Friday, May 09, 2014

A different kind of Blue

Last night I finally found enough time to sit down and watch the three-hour film of Blue is the Warmest Color, based on the graphic novel I finished reading recently. I’d heard some mixed reviews about it from friends, but I’d consciously avoided reading any reviews about it, as I normally do for movies I know I’m going to see eventually. That was probably a very good decision in this case.

First of all, I really liked the film. It followed the book very closely, which I’d heard was not the case. The ending is different, but not in a way that I find objectionable. It’s a typically ambiguous French ending, recognizing that even after great upheavals happen life goes on.

I think a lot of people focus on the sex in this movie and try to dissect its authenticity or the director’s agency. There is certainly a role for that kind of critical analysis in film but for me, it typically comes after repeated viewings. On a first viewing, especially for a love story, I want to watch with an open heart. To me, film is an art form that deserves to be considered as a personal statement by the director, although I recognize that is naive when you consider how many people are involved in financing and creating a studio film (including the original author, in this case).

Anyway, the purpose of this blog is not film studies, but rather to filter through my personal lens of life experience. Watching the early part of the movie when Adele is in high school, it made me wonder how differently I would have turned out if I’d grown up a girl. I wonder what kind of people would have been my friends, and how we would have influenced each other. The role of Adele’s parents was greatly diminished from the book, but I think in my alternate reality, they would have been a much bigger part of my life.

The movie focused on the great love between Adele and Emma, and of course I related it to the one between me and Tara. The love itself may not last, but the impact it has on our lives almost always does. Maybe that’s why love can be so scary sometimes. People often fear change – when things are going well, we fear losing the good things we have; when things are bad, we fear them getting worse.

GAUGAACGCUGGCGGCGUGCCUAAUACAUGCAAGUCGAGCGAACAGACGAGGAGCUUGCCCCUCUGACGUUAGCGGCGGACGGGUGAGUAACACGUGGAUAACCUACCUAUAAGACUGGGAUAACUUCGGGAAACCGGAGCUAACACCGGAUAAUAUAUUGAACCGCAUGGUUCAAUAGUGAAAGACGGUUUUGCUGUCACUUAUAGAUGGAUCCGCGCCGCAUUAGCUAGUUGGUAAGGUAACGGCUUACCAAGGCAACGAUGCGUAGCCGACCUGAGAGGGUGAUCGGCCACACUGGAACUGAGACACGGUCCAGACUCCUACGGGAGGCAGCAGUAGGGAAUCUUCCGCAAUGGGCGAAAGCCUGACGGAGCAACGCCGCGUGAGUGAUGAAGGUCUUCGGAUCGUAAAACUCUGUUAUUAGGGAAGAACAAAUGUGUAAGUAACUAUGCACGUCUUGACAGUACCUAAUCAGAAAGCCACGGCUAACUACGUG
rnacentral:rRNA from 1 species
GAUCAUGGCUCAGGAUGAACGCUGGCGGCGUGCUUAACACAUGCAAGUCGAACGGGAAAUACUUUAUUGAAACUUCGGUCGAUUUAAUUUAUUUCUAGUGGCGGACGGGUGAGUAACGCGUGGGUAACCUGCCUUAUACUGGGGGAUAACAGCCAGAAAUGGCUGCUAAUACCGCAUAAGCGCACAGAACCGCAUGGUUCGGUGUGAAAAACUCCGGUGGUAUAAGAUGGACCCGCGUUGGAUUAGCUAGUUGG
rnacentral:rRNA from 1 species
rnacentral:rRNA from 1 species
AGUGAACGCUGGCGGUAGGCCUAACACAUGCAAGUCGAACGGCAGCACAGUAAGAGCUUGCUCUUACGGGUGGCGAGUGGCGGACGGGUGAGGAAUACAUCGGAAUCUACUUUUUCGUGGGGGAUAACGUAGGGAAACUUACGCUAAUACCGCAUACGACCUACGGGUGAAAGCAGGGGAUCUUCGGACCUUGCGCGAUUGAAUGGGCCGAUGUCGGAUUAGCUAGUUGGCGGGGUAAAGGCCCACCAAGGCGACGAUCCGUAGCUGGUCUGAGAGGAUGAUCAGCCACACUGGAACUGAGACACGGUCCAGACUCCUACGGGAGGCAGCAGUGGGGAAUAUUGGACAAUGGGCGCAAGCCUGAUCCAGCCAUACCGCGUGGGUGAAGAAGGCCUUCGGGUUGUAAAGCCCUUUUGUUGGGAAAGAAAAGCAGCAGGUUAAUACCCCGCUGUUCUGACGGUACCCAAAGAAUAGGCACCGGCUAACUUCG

For myself, I hope for change. Without change, I feel stagnant and what’s worse, I feel myself getting more and more comfortable with stagnation. I’m always hopeful that each day will bring an opportunity to discover something new (part of the reason why I blog about such minutiae, so I can recognize when important things happen, even if they don't seem that important at the time). Last month, Puck and I were walking in Brooklyn late at night after visiting Hancock Street (Rijard and Miriam’s place) and we spontaneously burst into singing “Something’s Coming” from West Side Story. I love that feeling that Tony sings about, the feeling that something is just around the corner, waiting for me.

As a love story, Blue hit it out of the park for me. I strongly identified with the moments of connection, the crazy passion of not being able to keep hands off each other, and the suffering post-breakup. The scene where Adele goes back to their park bench was heartbreaking.

I didn't really care about the sex scenes very much. I thought they were tastefully done, and they were in balance the other scenes of dinners, work and life in general. Unduly focusing on them for criticism probably says more about the critic than the filmmaker. For me, sex and love are two very different things. I can live without the first but not the second.

I know this is probably a point where a lot of people disagree, but I really liked all the business with Adele’s hair. I enjoyed seeing how she changed the way she wore it and cared for it as she grew older. It was like a whole separate character in the movie. Again, this has more to do with how my own life experience is different than most people’s.

I think most of all I liked the way the movie captured the feeling of longing, of passion and of connectedness that people feel when they are in love, especially in a first real love. What a powerful yet ephemeral feeling it is! Movies like this remind me that such feelings are possible, something I never want to forget. Even if I’m never again in the position to experience them firsthand, just that reminder is important to sustain my view of the world.